Like so many first-generation kids, Lew’s had to straddle the pull of competing identities. He’s famously said that when he’s at his mother’s home, he’s the least-Asian thing in sight, but once outside, he’s the most. It’s a disorienting phenomenon he illustrates with The Most American Thing, a self-portrait in which Lew lies on a sofa in a room crammed with Asian artifacts, his yellow hoodie pulled so tightly around his head that only his eyes and nose are visible.

Jarod Lew, The Most American Thing, 2021. Pigment print. Museum Purchase, Albert and Peggy DeSalle Charitable Trust and Asian Art Deaccession Fund, T2022.73 © Jarod Lew, 2022.

Illustrating that identity tug-of-war as well is Gracie, in which a skinny, young Asian woman stretches her hands over her head in an awkward pose while surrounded by a profoundly “American” dining room, complete with fussy china cabinet and large painting of a woman on the wall who’s undeniably white.

There are a lot of things that make this picture great, including Gracie’s Bart Simpson t-shirt, where America’s favorite buffoon is speaking Korean. Then there’s the peculiar white, paper mask stretched across the young woman’s face. Did the photographer interrupt her midway through a beauty treatment, or, a bit like the room décor, is this a high-concept reference to racial identity? Ghostly Gracie isn’t saying.

Several photographers wrestle with crises that have plagued the recent past, including Merik Goma, a Manistee native now living in Connecticut whose Your Absence Is My Monument conjures up a spellbinding sense of loss tied to the covid pandemic.

Merik Goma, Your Absence Is My Monument, 2020; Pigment print. Museum Purchase, Mary Martin Semmes Fund, T2022.23, © Merik Goma, 2022.

Goma, who’s partway through an 18-month, $150,000 artistic fellowship with the Amistad Center for Art & Culture in West Hartford, creates painterly tableaux in his studio that serve as affecting backdrops for his portraits. In Your Absence, a sober young African-American woman sits in front of a window with an empty birdcage, door wide open, next to her. The lighting is gorgeous, even if the overall vibe is somewhat funereal.

Equally funereal in its own way is LaToya Ruby Frazier’s The Flint Water Treatment Plant, an aerial shot of the huge water tower that’s become the visual symbol for the lead-pipe calamity in Buick’s one-time hometown.

A photography professor at the School of the Art Institute of Chicago, Frazier first traveled to Flint in 2016 on a magazine assignment, but subsequently got to know the local Cobb family, and spent five years documenting both their struggles and the city’s. Her work there has just been published in a new book, LaToya Ruby Frazier: Flint Is Family in Three Acts.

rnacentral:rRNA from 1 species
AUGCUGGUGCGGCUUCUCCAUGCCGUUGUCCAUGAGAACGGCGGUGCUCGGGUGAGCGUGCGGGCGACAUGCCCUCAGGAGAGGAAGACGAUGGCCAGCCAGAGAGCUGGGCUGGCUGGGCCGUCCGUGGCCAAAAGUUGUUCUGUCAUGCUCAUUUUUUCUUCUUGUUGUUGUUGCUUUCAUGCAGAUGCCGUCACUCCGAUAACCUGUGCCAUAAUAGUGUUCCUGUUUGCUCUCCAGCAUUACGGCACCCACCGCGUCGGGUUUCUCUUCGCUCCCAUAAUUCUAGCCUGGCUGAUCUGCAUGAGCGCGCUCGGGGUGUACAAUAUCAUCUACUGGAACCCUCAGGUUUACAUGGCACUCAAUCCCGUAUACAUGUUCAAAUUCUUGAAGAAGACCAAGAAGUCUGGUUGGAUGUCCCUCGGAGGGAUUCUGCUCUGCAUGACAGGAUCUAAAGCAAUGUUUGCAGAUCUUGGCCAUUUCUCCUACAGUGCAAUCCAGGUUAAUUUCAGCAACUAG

LaToya Ruby Frazier, Flint Water Treatment Plant, Flint, Michigan, from Flint Is Family, 2016; Gelatin silver print. Museum Purchase, Albert and Peggy DeSalle Charitable Trust and Asian Art Deaccession Fund, 2021.247. © LaToya Ruby Frasier, 2022.

Finally, a Detroiter who’s turned drone photography into a mesmerizing art form, Brian Day, gives us a straight-down picture of the 2020 mural that artist Hubert Massey painted with high-schoolers on Woodward Avenue between Congress and Larned. The work honors Juneteenth, now a federal holiday, that celebrates the date when the last African-Americans in Texas finally learned they were free citizens, June 19, 1865.

Day’s dazzling drone work was compiled last year in Detroit from Above, which is available from Peanut Press Books. Happily, the artist hasn’t limited himself to just aerial photography, however gripping that may be. Conscious Response also includes some of his Planet Detroit series, a project launched in 2010 that stars the city’s denizens.

Brian Day, Woodward Avenue, Hubert Massey Mural, from Detroit from Above, 2020; Pigment print. Museum Purchase, Coville Photographic Fund, 2021.37. © Brian Day, 2022.

Conscious Response: Photographers Changing the Way We See, on view at the Detroit Institute of Arts through Jan. 8, 2023.